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Convergence and Divergence

shamieh

Active member
Sep 13, 2013
539
Determine whether the integral is Divergent or Convergent


\(\displaystyle \int^0_{-\infty} \frac{1}{3 - 4x} dx\)

I did a u substitution and got

\(\displaystyle \lim_{a\to\infty} -\frac{1}{4}\sqrt{3} + \frac{1}{4}\sqrt{3 - 4a}\)

So is because the \(\displaystyle -\infty\) is under the square root is it going to be divergent?

I have \(\displaystyle \frac{1}{4}\sqrt{3 - 4\infty}\)
 
Last edited:

Prove It

Well-known member
MHB Math Helper
Jan 26, 2012
1,403
Determine whether the integral is Divergent or Convergent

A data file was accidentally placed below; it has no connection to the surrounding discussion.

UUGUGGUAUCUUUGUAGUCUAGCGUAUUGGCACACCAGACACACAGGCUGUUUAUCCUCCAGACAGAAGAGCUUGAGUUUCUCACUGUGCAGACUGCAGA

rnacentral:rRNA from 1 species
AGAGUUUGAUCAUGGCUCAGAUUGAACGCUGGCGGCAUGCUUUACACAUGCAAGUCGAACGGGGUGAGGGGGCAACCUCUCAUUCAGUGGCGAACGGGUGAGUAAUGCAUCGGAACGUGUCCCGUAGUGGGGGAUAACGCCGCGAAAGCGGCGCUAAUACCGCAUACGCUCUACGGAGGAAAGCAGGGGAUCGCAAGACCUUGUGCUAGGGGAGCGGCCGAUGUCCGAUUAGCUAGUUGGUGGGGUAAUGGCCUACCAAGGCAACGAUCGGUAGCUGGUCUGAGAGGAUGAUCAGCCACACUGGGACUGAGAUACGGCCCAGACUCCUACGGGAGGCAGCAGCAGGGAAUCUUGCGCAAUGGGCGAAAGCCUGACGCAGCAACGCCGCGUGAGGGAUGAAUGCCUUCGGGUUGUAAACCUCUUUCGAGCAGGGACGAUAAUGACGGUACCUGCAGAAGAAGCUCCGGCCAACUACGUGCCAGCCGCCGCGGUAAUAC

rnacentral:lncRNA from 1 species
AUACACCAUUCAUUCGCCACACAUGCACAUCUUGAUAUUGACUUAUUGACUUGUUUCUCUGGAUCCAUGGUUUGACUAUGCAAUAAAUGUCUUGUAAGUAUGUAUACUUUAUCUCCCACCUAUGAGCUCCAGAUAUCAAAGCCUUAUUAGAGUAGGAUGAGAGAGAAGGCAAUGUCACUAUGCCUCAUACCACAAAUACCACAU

\(\displaystyle \int^0_{-\infty} \frac{1}{3 - 4x} dx\)

I did a u substitution and got

\(\displaystyle \lim_{a\to\infty} -\frac{1}{4}\sqrt{3} + \frac{1}{4}\sqrt{3 - 4a}\)

So is because the \(\displaystyle -\infty\) is under the square root is it going to be divergent?

I have \(\displaystyle \frac{1}{4}\sqrt{3 - 4\infty}\)
Yes it is divergent.
 

MarkFL

Administrator
Staff member
Feb 24, 2012
13,775
It is divergent, but not for the reason you cite. I would first use the substitution:

\(\displaystyle u=3-4x\,\therefore\,du=-4\,dx\) and our integral becomes:

\(\displaystyle I=-\frac{1}{4}\int_{\infty}^3\frac{du}{u}\)

Applying the rule \(\displaystyle -\int_b^a f(x)\,dx=\int_a^b f(x)\,dx\) we obtain:

\(\displaystyle I=\frac{1}{4}\int_3^{\infty}\frac{du}{u}\)

Now, since this is an improper integral, we may write:

\(\displaystyle I=\frac{1}{4}\lim_{t\to\infty}\left[\int_3^t\frac{du}{u} \right]\)

Applying the FTOC, and a property of logarithms, we find:

\(\displaystyle I=\frac{1}{4}\lim_{t\to\infty}\left(\ln\left(\frac{t}{3} \right) \right)=\infty\)

Thus, the given integral is divergent.